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Paradoxical Impact of Ileal Pouch-Anal Anastomosis on Male and Female Fertility in Patients With Ulcerative Colitis

Pachler, Frederik R. B.Sc; Brandsborg, Søren B. Ph.D.; Laurberg, Søren D.M.Sc

Diseases of the Colon & Rectum: June 2017 - Volume 60 - Issue 6 - p 603–607
doi: 10.1097/DCR.0000000000000796
Original Contributions: Inflammatory Bowel Disease
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BACKGROUND: Birth rates in males with ulcerative colitis and ileal pouch-anal anastomosis have not been studied.

OBJECTIVE: This study aimed to estimate birth rates in males and females with ulcerative colitis and study the impact of ileal pouch-anal anastomosis.

DESIGN: This was a retrospective registry-based cohort study that was performed over a 30-year period.

SETTINGS: Records for parenting a child from the same period were cross-linked with patient records, and birth rates were calculated using 15 through 49 years as age limits. All data were prospectively registered.

PATIENTS: All patients with ulcerative colitis and ulcerative colitis with ileal pouch-anal anastomosis between 1980 and 2010 were identified in Danish national databases.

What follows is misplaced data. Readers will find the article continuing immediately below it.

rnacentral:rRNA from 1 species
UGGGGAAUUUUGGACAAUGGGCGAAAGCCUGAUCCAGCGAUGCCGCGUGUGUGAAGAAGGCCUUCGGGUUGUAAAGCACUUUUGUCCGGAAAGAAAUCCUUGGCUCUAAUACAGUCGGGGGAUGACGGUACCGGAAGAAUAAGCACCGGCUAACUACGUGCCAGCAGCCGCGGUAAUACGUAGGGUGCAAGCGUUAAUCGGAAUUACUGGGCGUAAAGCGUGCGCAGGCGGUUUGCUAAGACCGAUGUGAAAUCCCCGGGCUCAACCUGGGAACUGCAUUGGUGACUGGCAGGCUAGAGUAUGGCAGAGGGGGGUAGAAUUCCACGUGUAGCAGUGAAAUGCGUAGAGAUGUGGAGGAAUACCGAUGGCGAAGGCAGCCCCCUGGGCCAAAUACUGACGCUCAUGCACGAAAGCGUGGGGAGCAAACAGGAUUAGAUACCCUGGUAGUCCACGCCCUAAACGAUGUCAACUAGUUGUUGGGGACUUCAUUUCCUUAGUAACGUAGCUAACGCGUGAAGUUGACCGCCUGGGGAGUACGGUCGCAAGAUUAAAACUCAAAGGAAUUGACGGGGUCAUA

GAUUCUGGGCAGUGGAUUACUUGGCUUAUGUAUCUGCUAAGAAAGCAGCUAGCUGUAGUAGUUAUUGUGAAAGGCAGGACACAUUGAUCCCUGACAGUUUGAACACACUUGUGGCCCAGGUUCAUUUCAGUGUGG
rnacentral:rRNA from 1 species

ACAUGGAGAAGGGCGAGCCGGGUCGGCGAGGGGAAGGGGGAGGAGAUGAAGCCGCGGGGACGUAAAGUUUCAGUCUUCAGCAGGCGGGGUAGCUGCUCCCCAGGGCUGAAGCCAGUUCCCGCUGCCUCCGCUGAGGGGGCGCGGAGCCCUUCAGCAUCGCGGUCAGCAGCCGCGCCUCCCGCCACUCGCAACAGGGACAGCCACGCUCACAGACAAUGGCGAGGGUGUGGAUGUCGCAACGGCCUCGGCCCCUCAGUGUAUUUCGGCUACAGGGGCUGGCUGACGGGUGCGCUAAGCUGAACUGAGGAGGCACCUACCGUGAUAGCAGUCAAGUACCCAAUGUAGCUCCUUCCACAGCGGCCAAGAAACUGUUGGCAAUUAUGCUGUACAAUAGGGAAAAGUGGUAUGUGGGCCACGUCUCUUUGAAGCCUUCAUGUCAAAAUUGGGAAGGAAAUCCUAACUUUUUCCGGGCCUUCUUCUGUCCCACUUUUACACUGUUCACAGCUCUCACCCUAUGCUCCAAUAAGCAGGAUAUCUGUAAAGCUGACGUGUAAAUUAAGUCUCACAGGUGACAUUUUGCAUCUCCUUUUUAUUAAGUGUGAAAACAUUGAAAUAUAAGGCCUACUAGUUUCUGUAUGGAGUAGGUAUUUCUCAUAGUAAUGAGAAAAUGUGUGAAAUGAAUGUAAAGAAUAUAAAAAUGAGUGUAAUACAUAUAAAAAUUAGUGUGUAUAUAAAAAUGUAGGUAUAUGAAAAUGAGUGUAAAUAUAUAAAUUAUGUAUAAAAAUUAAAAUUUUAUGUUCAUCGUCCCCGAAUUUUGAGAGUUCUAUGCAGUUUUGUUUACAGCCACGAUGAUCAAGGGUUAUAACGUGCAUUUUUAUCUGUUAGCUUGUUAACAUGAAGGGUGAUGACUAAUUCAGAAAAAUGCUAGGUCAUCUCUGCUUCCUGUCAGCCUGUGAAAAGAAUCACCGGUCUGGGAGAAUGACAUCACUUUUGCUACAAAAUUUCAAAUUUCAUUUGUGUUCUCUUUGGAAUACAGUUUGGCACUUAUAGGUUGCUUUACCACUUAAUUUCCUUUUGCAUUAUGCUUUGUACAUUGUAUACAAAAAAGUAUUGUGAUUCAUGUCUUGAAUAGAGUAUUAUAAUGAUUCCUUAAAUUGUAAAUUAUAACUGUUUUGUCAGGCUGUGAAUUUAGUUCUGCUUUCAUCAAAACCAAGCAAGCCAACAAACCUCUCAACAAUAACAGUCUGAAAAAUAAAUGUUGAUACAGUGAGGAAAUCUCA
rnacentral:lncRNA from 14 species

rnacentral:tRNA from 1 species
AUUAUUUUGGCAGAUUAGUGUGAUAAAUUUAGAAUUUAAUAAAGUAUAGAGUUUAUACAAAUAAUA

MAIN OUTCOME MEASURES: The primary outcomes measured were birth rates in females and males with ulcerative colitis and ulcerative colitis with ileal pouch-anal anastomosis.

RESULTS: We included 27,379 patients with ulcerative colitis (12,812 males and 14,567 females); 1544 had ileal pouch-anal anastomosis (792 males and 752 females). Patients with ulcerative colitis have slightly reduced birth rates (males at 40.8 children/1000 years, background population 43.2, females at 46.2 children/1000 years, background population 49.1). After ileal pouch-anal anastomosis, males had increased birth rates at 47.8 children/1000 years in comparison with males with ulcerative colitis without ileal pouch-anal anastomosis (40.5 children/1000 years), whereas females had reduced birth rates at 27.6 children/1000 years in comparison with females with ulcerative colitis without ileal pouch-anal anastomosis (46.8 children/1000 years).

LIMITATIONS: Only birth rates were investigated and not fecundability. Furthermore, there is a question about misattributed paternity, but this has previously been shown to be less than 5%.

CONCLUSIONS: Ulcerative colitis per se has little impact on birth rates in both sexes, but ileal pouch-anal anastomosis surgery leads to a reduction in birth rates in females and an increase in birth rates in males. This has clinical impact when counseling patients before ileal pouch-anal anastomosis surgery.

Colorectal Surgical Unit, Aarhus University Hospital, Aarhus, Denmark

See Tribute Video to Robert D. Madoff, M.D., at http://links.lww.com/DCR/A328

Financial Disclosure: None reported.

Presented in part at the meeting of the European Society of Coloproctology, Dublin, Ireland, September 23 to 25, 2015.

Correspondence: Frederik R. Pachler, B.Sc., Colorectal Surgical Unit, Aarhus University Hospital, Tage-Hansens Gade 2, DK-8000 Aarhus C. E-mail: frepac@rm.dk

© 2017 The American Society of Colon and Rectal Surgeons